By Michel Anglade, Campaigns and Advocacy Director, Asia – Save the Children
2015 could be a momentous year in human history. It could be the year that governments across the world put a deadline on their longstanding commitment to end extreme poverty, ensuring that no child dies unnecessarily, every child gets a good-quality education, and every child is protected from violence. It is the year that governments are expected to agree a new global framework of concrete goals and targets to take the legacy of the Millennium Development Goals (MDGs) forward, and bring the commitments that were made at the United Nations Conference on Sustainable Development (Rio +20) to life.
The next six months represent a critical phase in the international process to define the post-2015 framework. As governments discuss the shape and contents of the new development goals, they must keep levels of ambition high, putting the foundations in place for a framework that is capable of inspiring real and sustainable change for the world’s poorest children.
Protecting and advancing children’s rights lies at the heart of this process to make the world better and fairer for children. The post-2015 framework must focus on meeting children’s needs. The MDGs spurred political and financial commitments to achieve significant breakthroughs for children. However, the job is still not completed, and the world’s most disadvantaged children are being left behind. The eradication of poverty is not only a matter of social justice, but is also a cornerstone for effective, equitable and sustainable development for all. The post-2015 framework will shape the future, and it is therefore imperative that needs and rights of children, as present and future citizens of the world, are fully reflected within it.
More than a million people from around the globe have shared their experiences, expertise and perspectives about what post-2015 sustainable development goals should look like, via UN and civil society consultations and the MYWorld2015 global survey. A number of considered proposals have also been presented by international institutions and networks. These include the UN Secretary General’s High Level Panel on the Post-2015 Development Agenda, the Sustainable Development Solutions Network, the UN Global Compact, the outcome of the Open Working Group, the UN Secretary General’s Synthesis report on the Post-2015 Agenda, and civil society organisations from around the world, many of which are members of the international Beyond 2015 campaign and have now joined the Action/2015 campaign.
As the inter-governmental negotiations to finalise the post-2015 framework take place in the UN Headquarters in New York, Save the Children call for a strong focus on equity. Inequalities are not an inevitable outcome of development progress. If we are to recognise the truly transformative potential of the new sustainable development framework we must embed equity at its core. No one must be left behind by virtue of their gender, age, disability, income, geography or ethnicity. Save the Children urge UN member states to ensure that the Declaration of the Post-2015 Sustainable Development Agenda includes an explicit reference to the criterion that “no target should be considered met unless it is met for all social and economic groups”.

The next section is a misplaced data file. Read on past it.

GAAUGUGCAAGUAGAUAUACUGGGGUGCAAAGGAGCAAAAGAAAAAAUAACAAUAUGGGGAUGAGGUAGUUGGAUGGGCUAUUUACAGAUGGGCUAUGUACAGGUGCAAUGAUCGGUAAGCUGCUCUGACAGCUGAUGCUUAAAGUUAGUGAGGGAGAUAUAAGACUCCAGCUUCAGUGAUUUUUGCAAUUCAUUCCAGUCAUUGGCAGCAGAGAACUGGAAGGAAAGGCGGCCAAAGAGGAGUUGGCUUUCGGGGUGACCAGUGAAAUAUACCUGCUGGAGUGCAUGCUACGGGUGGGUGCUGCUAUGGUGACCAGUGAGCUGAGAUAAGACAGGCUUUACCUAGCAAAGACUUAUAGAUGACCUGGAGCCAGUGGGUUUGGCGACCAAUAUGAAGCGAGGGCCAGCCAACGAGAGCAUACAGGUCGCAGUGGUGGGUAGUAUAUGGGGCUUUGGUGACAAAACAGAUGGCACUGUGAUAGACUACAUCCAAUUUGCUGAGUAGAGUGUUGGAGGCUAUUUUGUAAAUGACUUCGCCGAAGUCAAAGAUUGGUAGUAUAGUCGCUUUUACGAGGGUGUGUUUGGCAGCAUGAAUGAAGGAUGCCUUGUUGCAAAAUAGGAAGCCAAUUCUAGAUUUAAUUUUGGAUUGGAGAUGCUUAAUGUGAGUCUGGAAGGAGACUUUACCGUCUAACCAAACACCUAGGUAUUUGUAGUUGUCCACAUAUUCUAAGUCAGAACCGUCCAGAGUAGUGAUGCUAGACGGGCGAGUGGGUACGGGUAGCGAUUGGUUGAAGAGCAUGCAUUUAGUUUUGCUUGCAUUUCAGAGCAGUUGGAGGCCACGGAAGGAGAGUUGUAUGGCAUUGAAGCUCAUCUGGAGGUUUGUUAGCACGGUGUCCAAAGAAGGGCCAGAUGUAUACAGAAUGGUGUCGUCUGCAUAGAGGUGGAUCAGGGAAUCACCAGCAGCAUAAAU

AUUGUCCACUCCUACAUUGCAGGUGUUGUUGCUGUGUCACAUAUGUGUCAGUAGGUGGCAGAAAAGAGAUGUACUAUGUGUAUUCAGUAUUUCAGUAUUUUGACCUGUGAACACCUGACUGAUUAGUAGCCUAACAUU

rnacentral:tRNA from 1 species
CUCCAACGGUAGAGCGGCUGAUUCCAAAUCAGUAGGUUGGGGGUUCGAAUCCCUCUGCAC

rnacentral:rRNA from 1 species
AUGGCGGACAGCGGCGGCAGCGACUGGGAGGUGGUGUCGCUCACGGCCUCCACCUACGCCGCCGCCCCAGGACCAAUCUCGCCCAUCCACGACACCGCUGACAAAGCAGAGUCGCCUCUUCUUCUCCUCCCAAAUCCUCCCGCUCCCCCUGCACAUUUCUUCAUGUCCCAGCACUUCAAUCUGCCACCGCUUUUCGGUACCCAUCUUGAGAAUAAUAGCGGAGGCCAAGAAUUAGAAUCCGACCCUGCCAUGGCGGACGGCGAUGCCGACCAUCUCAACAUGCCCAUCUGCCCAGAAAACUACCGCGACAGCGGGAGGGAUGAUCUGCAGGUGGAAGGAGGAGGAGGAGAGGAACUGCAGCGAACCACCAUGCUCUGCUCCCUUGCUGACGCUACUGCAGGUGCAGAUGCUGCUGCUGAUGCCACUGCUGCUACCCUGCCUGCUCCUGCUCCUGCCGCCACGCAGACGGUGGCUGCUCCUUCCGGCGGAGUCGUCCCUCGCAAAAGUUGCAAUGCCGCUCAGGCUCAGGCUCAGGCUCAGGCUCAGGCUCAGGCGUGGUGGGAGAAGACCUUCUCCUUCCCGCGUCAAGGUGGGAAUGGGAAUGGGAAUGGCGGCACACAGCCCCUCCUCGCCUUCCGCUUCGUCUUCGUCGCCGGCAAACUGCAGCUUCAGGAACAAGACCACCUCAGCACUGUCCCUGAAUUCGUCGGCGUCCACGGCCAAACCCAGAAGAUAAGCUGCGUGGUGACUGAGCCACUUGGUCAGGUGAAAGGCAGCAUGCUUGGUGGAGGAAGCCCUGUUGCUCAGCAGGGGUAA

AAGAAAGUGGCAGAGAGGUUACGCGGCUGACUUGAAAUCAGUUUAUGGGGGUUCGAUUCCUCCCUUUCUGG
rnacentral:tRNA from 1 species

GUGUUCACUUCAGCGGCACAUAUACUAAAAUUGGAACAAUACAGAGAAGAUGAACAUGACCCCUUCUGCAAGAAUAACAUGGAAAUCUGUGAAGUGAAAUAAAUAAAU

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Michel Anglade is Save the Children’s Campaigns and Advocacy Director for Asia, based in Singapore. In his role, he coordinates EVERY ONE, Save the Children’s flagship campaign to reduce child mortality. He supports Save the Children country offices across Asia to advocate for better practices and policies to fulfil children’s rights.
Prior to his present position, Michel Anglade worked for Oxfam from 2000 to 2011, in various leadership positions in Asia and in Africa. He started working in the field of humanitarian and development in 1995 and undertook various assignments with Doctors without Borders and with Action Against Hunger in Armenia, Sudan, Somalia and North Korea.
Michel Anglade graduated from Sciences-Po (Institut d’Etudes Politiques de Paris) in 1989. He also holds a Master in Media and Information Management from the Ecole Supérieure de Commerce de Paris.
Save the Children is the world’s leading independent organisation for children. Save the Children works in 120 countries to achieve breakthroughs in the way the world treats children. Save the Children’s Asia Regional Office is in Singapore.